What struck me today was there is a gem in every experience and that resonated with me when I think back on different experiences, trials and tribulations with my life. With every hardship there was a silver lining that came out of it. I’m grateful for that.
I think one of the things I’ve come to realize, and I’ve got a long way to go to actualize it, is not make assumptions about people. I just can’t tell what they’ve endured, what they’ve been through. I have to assume the best from people and assume while I’ve been learning from adversity, they have as well. I have to be fully in the moment and not be captured by the past.
I’m convinced that assumptions are based on fears, and how quickly I jump to assumptions because I’m feeling fear.
I was thinking when I look back at the past, if I can reframe some experiences through the lens of gratitude, that changes perspective a little bit. The importance of being in the day, not ruminating too long. I could have sworn you said peeling potatoes from the past—what a colorful way of describing it. I’ve heard it’s okay to look back but it’s not polite to stare. Acceptance versus expectations; gratitude versus bitterness are things of a lifelong journey. Sometimes the old tapes are poor me, poor me. Thank you for that sharing this morning.
Thank you for your continuing readings and writings. I made a mental list of things that happened in my life and separated them into what I could control and what I couldn’t control. I guess the hope is what I can control I learn from. It was very clear the things I couldn’t control, rather than deal with anger and bitterness, give as much love as I can hoping it helps.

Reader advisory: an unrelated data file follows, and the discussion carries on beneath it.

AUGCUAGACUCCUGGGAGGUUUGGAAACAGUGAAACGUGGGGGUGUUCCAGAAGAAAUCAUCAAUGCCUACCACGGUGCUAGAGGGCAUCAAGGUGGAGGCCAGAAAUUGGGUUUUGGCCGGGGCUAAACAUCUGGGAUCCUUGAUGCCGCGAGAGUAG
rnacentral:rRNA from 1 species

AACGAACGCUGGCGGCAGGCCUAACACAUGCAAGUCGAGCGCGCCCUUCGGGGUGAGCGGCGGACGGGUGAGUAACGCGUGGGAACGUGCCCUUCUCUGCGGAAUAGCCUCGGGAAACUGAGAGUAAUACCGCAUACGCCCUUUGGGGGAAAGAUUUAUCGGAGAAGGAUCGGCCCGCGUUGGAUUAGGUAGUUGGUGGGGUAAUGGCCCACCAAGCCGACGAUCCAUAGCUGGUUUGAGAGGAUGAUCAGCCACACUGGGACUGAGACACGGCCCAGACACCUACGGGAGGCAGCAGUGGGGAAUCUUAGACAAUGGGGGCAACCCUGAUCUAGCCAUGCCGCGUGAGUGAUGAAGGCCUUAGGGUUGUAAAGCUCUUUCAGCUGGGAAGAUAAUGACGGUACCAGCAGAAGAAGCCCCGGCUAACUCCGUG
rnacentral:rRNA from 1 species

What came to me in my contemplation time was I was sitting here having these outside thoughts coming to me. I would say stop and come back and it reminded me of the story of Jesus in the desert sitting there, or Buddha sitting under the tree being tempted. In my contemplation it occurred to me that all of these thoughts coming to me from the outside are like temptations pulling me away. I need to say no, stop, stay here with God.
I was thinking back over my life. Some things have softened and I see the lessons in them. I still struggle with other things. My father drowned when I was 20. It certainly made me have more compassion for anyone going through this type of experience. I learned months later of another family going through a similar situation, and I remember sending them a prayer. I hope with the idea of collective consciousness, those prayers go to them even if they don’t know it.
I occasionally watch a TV show called “I Survived” about people who have survived terrible situations. These people are just amazing when they tell their stories and how they survived and some of them go on to do greater things to help others. These testimonials are so empowering.
Thank you for your time and your sacred presence in committing to the practice of silence, sharing and feeling your heart because it takes courage.